If we were to believe most crime thrillers, it always rains in New York. It would also be apparent that most detective work is done at night in backstreets and subways or, if done in the day, that the light is always the colour of chilled dishwater. The city always looks plague-ridden, its filthy inhabitants mouldering and mad with crime, its buildings exhausted with the polluted drizzle, its detectives corrupt and terminally depressed. Yep, these are the weary tropes of the New York noir and Scott Frank’s new picture A Walk among the Tombstones, which does little to spice, twist or shed them- though it is a fairly thrilling and decent expression of them.
Our depressed copper and anti-hero, Matt Scudder, is played by the ever-fatigued Liam Neeson, fresh (or not-so-fresh) from saving his daughter from a gang of sex traffickers (Taken) and his wife from the parent of said sex trafficker (Taken 2). The film opens in 1991, poor Matt is a grizzled, greasy, hard-drinking, hard-smoking cop working for the NYPD. He gets pissed, ends up shooting a load of people, including one rather unfortunate little girl, and decided to call it quits – both from policing and drinking.
Cut to 1999 and Matt is clean-shaven, showers regularly and is a frequenter of Alcoholics Anonymous, though he still has that classic Neeson melancholy and gravel-throat. His somnolent routine is interrupted when he’s hired by a drug-dealer (played by a dashing Dan Stevens, from Downton to Downtown) whose wife has been tragically dismembered – and he wants our cop to find the killers. Matt, being a man of Principle and Justice, takes the job.
What follows is a fairly conventional detective drama, as seen pretty much every night on British television (Luther, Broadchurch, The Bridge, Messiah etc.). Along the way, Matt befriends a young miscreant called T.J who spends his time ‘making a mess’ in public libraries, drawing what appears to be violent pornography and waxing cynical about the stupidity of the Y2K crisis (this is 1999, after all – references at the ready!). He also believes that fizzy drinks are designed to lower the sperm-count of the poor and carries a gun he doesn’t know how to use at all times.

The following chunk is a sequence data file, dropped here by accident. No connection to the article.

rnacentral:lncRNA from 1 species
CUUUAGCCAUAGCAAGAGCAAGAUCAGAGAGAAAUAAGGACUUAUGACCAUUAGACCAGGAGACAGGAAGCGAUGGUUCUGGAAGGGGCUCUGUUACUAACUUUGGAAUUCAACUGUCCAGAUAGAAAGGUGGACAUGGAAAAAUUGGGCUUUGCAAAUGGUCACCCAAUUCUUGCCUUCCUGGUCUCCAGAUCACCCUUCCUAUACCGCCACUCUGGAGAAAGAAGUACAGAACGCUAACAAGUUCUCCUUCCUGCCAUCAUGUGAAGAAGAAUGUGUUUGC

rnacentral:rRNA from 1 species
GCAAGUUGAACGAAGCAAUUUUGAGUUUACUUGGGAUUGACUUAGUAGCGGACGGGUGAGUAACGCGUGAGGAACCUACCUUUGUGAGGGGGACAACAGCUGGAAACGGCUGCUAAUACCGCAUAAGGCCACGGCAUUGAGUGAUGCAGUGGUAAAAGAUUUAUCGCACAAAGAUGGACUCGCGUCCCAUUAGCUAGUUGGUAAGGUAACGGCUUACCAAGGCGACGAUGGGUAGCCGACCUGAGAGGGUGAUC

Despite these strange traits, Matt inexplicably elects this promising candidate as his sidekick – a weirder pairing hasn’t been seen since Mikael Blomkvist met a girl called Lisbeth Sandler. I really couldn’t help but thinking that T.J is an absurd and unnecessary character – Matt evidently likes him, but not that much, and he doesn’t really do anything except stand in the way until the end, when he is finally of use. In any case, the two chase down the brutal killers, one of whom is capably, if clownishly, played by David Harbour. The film ends with the obligatory detective-in-peril scene.
Now despite being about as constrained by the dreary tropes of the genre as a madman in a straightjacket, the film is atmospheric and it does what it does – that is, a somewhat clichéd cop-drama – pretty well. The harsh, grizzly lighting of noir is expertly deployed and Matt’s descent into that New York grimoire of drugs, low-life and crime is at least enough to entertain. And, as with Taken, Neeson once again proves that he can not only handle a mediocre script with aplomb, he alone is capable of making bits here and there shine. He does well. Having said this, there is really very little here that one couldn’t see if one just bought the boxset of any TV crime drama series. So, it’s up to you; spend 8 quid on a cinema ticket or just tune in to the BBC. Either way, you’ll get depressed detectives, dreary light and dismemberment.